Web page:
Question of Money - 8 April, 2012
Posted by Jill Kerby on April 08 2012 @ 09:00
Revenue unsure of my first time buyers status
MR writes from Co Meath: I have applied for the new 30% mortgage interest allowance and was told I do not qualify. I purchased a house in 2005 and was exempt from stamp duty and received first time buyer (FTB) allowance on my mortgage. I was newly divorced and was treated as a FTB applicant. However, on applying for the extra allowance today I was told am not suitable as I claimed FTB allowance on a house I had bought in 1983 when I was single. I sold this house in 1984. I thought this new legislation on the extra allowance was for property bought between 2004-2008. How can the Revenue treat me as a FTB in relation to stamp duty and not a FTB when I need to claim the extra allowance?
MR writes from Co Meath: I have applied for the new 30% mortgage interest allowance and was told I do not qualify. I purchased a house in 2005 and was exempt from stamp duty and received first time buyer (FTB) allowance on my mortgage. I was newly divorced and was treated as a FTB buyer. However, on applying for the extra allowance today I was told am not suitable as I claimed FTB allowance on a house I had bought in 1983 when I was single. I sold this house in 1984. I thought this new legislation on the extra allowance was for property bought between 2004-2008. How can the Revenue treat me as a FTB in relation to stamp duty and not a FTB when I need to claim the extra allowance?
The fact that you purchased your current home after your divorce in 2005 is a clue to why you were considered a first time buyer then, despite having bought your first house in 1983 and then, presumably, being a second-time joint owner with your spouse of your marital home.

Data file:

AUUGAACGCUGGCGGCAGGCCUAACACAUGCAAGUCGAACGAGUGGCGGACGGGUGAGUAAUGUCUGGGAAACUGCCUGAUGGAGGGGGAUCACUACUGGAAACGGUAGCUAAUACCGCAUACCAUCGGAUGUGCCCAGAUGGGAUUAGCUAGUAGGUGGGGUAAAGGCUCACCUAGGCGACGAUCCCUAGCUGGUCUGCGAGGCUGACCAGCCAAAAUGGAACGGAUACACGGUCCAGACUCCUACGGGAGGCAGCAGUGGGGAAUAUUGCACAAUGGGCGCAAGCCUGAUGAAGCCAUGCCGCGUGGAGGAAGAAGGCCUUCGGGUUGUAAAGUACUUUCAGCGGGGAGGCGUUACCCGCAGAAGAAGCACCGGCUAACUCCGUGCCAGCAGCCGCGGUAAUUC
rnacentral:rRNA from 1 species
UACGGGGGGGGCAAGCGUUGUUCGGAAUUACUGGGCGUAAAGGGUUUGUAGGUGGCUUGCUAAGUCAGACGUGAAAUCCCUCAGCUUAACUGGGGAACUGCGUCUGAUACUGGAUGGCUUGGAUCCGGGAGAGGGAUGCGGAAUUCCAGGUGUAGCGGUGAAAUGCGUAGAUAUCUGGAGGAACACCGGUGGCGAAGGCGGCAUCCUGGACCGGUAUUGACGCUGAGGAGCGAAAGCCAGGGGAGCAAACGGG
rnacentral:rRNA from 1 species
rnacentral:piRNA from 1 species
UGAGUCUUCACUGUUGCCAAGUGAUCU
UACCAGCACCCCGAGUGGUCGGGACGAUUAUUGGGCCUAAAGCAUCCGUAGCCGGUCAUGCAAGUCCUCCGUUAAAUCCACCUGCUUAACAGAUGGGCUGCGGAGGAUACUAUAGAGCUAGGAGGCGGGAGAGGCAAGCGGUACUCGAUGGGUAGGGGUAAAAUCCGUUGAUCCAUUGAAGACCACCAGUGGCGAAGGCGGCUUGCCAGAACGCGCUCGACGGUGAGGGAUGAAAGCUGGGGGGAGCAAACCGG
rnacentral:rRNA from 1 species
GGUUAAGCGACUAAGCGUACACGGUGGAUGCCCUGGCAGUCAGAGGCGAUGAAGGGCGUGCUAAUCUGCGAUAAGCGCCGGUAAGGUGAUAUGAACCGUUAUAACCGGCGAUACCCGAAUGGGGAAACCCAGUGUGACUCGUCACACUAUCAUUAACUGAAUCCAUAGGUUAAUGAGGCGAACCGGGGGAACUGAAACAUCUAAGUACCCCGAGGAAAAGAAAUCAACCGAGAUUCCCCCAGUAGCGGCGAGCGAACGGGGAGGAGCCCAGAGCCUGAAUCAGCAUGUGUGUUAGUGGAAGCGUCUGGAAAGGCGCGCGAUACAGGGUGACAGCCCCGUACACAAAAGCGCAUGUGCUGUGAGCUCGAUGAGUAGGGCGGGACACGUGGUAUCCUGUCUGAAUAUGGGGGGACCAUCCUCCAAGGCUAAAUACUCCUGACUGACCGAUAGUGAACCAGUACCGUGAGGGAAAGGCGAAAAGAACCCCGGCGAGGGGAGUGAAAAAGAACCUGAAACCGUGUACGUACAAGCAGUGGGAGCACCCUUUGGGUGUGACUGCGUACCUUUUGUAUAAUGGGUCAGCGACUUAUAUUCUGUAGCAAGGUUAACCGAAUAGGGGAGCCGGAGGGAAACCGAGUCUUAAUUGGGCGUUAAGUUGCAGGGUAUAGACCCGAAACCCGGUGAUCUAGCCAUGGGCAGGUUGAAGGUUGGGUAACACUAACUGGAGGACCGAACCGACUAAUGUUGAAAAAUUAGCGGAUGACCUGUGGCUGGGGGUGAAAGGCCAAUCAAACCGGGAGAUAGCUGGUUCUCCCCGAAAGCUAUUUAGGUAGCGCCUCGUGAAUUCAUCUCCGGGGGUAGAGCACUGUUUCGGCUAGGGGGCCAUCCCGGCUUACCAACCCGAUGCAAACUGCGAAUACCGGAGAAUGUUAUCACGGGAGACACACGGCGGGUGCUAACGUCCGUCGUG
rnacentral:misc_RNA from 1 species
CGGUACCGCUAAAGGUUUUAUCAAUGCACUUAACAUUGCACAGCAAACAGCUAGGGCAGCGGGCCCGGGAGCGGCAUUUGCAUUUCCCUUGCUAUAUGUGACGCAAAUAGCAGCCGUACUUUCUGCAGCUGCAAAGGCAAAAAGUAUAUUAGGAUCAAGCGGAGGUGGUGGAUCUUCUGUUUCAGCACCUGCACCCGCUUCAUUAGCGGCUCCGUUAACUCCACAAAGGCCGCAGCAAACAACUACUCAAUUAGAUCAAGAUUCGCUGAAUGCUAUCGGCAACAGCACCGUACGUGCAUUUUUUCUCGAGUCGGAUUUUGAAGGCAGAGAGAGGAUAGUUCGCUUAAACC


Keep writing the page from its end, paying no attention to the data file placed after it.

Under a Revenue rule introduced in June 2000 (see http://www.revenue.ie/en/personal/circumstances/separation-divorce.html#section14), the spouse who leaves the family home and gives up their interest in it as part of their separation or divorce settlement (with the other spouse continuing to occupy the property) can be treated “as if a first time buyer” for stamp duty purposes if they buy another home. However, there is no specific reference in the rule as to how you are treated regarding mortgage interest relief.
Nevertheless the Revenue allowed you to be considered “as if” you were a first time buyer again for mortgage interest purposes as well as for stamp duty purposes. If that decision was correct, then I can’t understand why your claim for the extended first time buyer relief that was introduced in the 2012 budget for all FTBs of property between 2004 and 2008 was rejected.
I spoke to an official in the Revenue’s TRS section who confirmed that the decision to give you FTB status for stamp duty purposes is related to your status as a newly divorced person who was replacing a family home to which she no longer had any interest. He was unsure, however how you were deemed to be an FTB for mortgage interest purposes in 2005 except to suggest that it may have been related to whether you used up all your allowances as a genuine FTB in 1983 and were being permitted to carry them to this new property.
He suggested that you contact the TRS section directly at LoCall 1890 463 626 or your Inspector of Taxes for a definitive answer.
Depending on the size of your mortgage, a decision in your favour could be worth several thousand euro to you between now and 2017 when all mortgage interest claims will end.
KP writes from Co Louth: In January when it appeared that Greece might bring down the euro, I transferred some of my savings to Northern Ireland. As time was short (or so I thought) I transferred the €50,000 into my parent’s bank account. I have recently got my name added to this account.